The $600million 'mums' deal that isn't for 'mums' at all.

“Cash for mothers in PM’s $4b Nats bribe to bind Coalition”

MUM’S THE WORD. Urgh. That’s the headline screamed across The Daily Telegraph today.

The Daily Telegraph front page 16/09/2015

It relates to a $600 million deal that the new Prime Minister Malcolm Turnbull has reportedly struck with the Nationals which includes an extra $1,000 a year for 140,000 families with stay-at-home mums.

What is the issue here? The idea that this is a cash grab for ‘mums’. That ‘mothers’ will pocket the proceedings from this generous windfall.

In the main, parents – not mothers – share the cost, responsibility and privilege of raising their children. A growing number of fathers take a “stay-at-home” role in Australia but even Dads who work outside the home deserve, at the very least, to have their parenting acknowledged.  To blithely dismiss the contribution fathers make to raising children is outdated at best, offensive at worst.

Using ‘mum’ as shorthand for ‘parents’ unfairly dismisses the role Dads play.

But, regardless of how two parents split their paid and unpaid work, I have a hot tip. Any money that a family saves on account of, or receives from, the government piggy bank will find its way into the household coffers. It will go towards paying the mortgage or rent, buying groceries, paying bills and covering the myriad of costs no household can avoid.

It is highly, highly, unlikely that the money will be stashed into a delicious fund a mum can uses to indulge her every luxe whim.

This package is less “cash for mums” as it is “cash for families”.  You might consider that an innocuous point of difference or consider me a pedant for pointing it out. I’d ask you to reconsider.

Cast your mind back to the public discussion about paid parental leave that took place earlier this year. Do you remember if it was ‘parents’ who were accused of double-dipping? Was it ‘parents’ who were blamed for partaking in this outrageous – yet perfectly legal – rort? Was it ‘parents’ framed as audacious and selfish for seeking to combine financial security with raising children?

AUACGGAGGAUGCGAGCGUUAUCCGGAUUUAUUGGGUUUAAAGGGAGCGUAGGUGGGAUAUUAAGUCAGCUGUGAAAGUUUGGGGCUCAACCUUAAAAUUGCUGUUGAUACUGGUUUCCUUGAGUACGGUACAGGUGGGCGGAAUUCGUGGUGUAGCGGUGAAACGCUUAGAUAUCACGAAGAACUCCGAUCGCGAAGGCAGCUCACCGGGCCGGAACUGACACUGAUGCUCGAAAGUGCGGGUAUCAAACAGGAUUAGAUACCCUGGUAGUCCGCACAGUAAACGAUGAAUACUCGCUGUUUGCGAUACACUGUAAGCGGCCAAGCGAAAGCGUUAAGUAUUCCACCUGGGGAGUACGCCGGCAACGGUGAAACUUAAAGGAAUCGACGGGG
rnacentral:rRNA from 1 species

Scott Morrison described accessing government paid parental leave and any employer-provided paid leave, which is perfectly legal, as a ‘rort’.

No. It wasn’t. It was mums. It was mothers who bore the brunt of the criticism for utilising a policy for the exact purpose it was intended.

And, again, nowhere in the conversation pegging paid parental leave as an illegitimate income source for mothers was the financial reality of being home with a baby referred to. The bit about household expenses continuing. The bit about having an additional mouth to feed, body to dress and little person to care for.  The bit about almost every cent paid in parental leave being immediately distributed back into the economy.

On a quick glance of the conversations at the time, you could be forgiven for believing that no sooner had these mums pocketed the cash, they were queuing up for flights to Thailand to sip cocktails poolside on the government’s tab for six months. Not bloody likely.

This is not a realistic depiction of “parental leave”.

Is it too much to expect recognition that in the vast majority of households, any government assistance provided is not going to be stashed away by greedy mums? That it will go toward household expenses?

Is it too much to expect some consensus around the fact that where money is provided to a family, a mother will very rarely be the sole beneficiary of those funds? That an entire family will benefit? Too much to expect us to not use ‘mum’ as shorthand for ‘parent’.

Please, for the love of mothers, can we stop singling out mums?

What do you think about the extra payment for “mums”?

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